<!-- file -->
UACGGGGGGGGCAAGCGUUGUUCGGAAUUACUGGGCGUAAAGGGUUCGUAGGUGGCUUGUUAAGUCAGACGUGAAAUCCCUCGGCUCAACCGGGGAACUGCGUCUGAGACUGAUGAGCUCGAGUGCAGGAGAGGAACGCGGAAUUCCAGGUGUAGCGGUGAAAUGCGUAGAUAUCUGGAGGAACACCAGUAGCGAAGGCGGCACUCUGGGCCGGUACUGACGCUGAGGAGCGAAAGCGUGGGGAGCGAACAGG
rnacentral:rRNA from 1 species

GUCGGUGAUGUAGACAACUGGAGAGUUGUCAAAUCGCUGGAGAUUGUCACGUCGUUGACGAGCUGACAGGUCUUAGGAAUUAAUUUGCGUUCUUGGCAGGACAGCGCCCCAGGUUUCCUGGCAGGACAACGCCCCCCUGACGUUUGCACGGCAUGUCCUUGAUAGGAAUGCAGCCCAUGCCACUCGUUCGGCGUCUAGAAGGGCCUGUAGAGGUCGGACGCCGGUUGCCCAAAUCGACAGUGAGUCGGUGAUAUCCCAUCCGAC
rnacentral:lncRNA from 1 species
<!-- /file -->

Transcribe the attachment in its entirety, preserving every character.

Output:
UACGGGGGGGGCAAGCGUUGUUCGGAAUUACUGGGCGUAAAGGGUUCGUAGGUGGCUUGUUAAGUCAGACGUGAAAUCCCUCGGCUCAACCGGGGAACUGCGUCUGAGACUGAUGAGCUCGAGUGCAGGAGAGGAACGCGGAAUUCCAGGUGUAGCGGUGAAAUGCGUAGAUAUCUGGAGGAACACCAGUAGCGAAGGCGGCACUCUGGGCCGGUACUGACGCUGAGGAGCGAAAGCGUGGGGAGCGAACAGG
rnacentral:rRNA from 1 species

GUCGGUGAUGUAGACAACUGGAGAGUUGUCAAAUCGCUGGAGAUUGUCACGUCGUUGACGAGCUGACAGGUCUUAGGAAUUAAUUUGCGUUCUUGGCAGGACAGCGCCCCAGGUUUCCUGGCAGGACAACGCCCCCCUGACGUUUGCACGGCAUGUCCUUGAUAGGAAUGCAGCCCAUGCCACUCGUUCGGCGUCUAGAAGGGCCUGUAGAGGUCGGACGCCGGUUGCCCAAAUCGACAGUGAGUCGGUGAUAUCCCAUCCGAC
rnacentral:lncRNA from 1 species